Long-term follow-up of patients with post-traumatic refractory high intracranial pressure treated with lumbar drainage.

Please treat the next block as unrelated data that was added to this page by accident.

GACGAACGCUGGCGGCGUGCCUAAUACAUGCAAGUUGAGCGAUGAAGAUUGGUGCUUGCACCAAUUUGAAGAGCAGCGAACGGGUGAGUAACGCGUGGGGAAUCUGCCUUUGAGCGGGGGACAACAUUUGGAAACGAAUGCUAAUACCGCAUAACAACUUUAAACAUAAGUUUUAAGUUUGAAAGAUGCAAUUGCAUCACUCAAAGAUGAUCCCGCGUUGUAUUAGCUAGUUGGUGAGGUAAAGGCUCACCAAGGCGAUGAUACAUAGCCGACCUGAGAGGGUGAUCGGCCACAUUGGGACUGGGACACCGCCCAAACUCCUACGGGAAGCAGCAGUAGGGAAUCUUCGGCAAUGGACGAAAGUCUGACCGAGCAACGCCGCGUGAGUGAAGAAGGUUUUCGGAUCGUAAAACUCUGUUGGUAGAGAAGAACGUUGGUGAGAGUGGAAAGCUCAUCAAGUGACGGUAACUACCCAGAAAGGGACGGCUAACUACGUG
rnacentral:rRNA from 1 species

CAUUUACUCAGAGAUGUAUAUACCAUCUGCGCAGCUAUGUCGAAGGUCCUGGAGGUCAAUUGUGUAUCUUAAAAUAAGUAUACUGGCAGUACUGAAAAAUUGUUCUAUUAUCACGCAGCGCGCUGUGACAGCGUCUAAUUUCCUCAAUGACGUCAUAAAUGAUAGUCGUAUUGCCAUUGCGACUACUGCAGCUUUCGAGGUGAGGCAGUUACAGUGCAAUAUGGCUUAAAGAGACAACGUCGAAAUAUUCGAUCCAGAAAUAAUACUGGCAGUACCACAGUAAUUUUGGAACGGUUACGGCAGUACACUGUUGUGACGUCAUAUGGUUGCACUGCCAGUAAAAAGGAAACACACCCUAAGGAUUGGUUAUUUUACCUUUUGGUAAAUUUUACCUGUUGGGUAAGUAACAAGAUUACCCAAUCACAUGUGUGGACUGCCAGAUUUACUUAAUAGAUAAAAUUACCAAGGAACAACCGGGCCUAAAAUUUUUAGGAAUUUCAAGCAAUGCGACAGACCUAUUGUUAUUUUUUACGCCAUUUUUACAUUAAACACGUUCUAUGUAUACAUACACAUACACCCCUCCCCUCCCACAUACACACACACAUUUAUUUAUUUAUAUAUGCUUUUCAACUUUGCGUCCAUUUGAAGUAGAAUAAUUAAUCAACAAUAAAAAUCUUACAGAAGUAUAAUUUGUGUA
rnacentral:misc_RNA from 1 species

ABSTRACT Drainage of cerebrospinal fluid by means of external lumbar drainage (ELD) is controversial in the adult population with traumatic brain injury. We report our experience with ELD in the treatment of post-traumatic high intracranial pressure (ICP) and the results of the long-term follow-up in these patients. We undertook clinical evaluation of 30 patients with traumatic brain injury and high ICP treated with second-tier measures or with first-tier measures if second-tier measures were contraindicated. The study involved a retrospective review of collected data. Outcome at intensive care unit discharge and three to five years after injury were evaluated with the Glasgow Outcome Scale. The mean age of patients was 34.9 +/- 12.5 years and 25 (83%) were male. The median (interquartile range) Glasgow Coma score was 8 (7 to 10). ICP before and one hour after ELD placement was 33.7 +/- 9.0 and 12.5 +/- 4.8 mmHg respectively, a decrease in 21.2 +/- 8.3 mmHg (P < 0.0001). ELD was placed after a mean of 8.6 +/- 3.9 days. Cerebrospinal fluid drainage was maintained for a mean of 6.6 +/- 3.5 days. Four patients (13%) required ELD replacement and one patient developed a cerebrospinal fluid infection (3%). No pupillary changes were noted within 48 hours of ELD placement. Long-term outcome was favourable (good recovery or moderate disability) in 62% of the patients studied. The use of ELD resulted in a marked decrease in ICP These patients presented a good outcome in 62% of the cases in the long-term evaluation. Few complications related with ELD use were noted.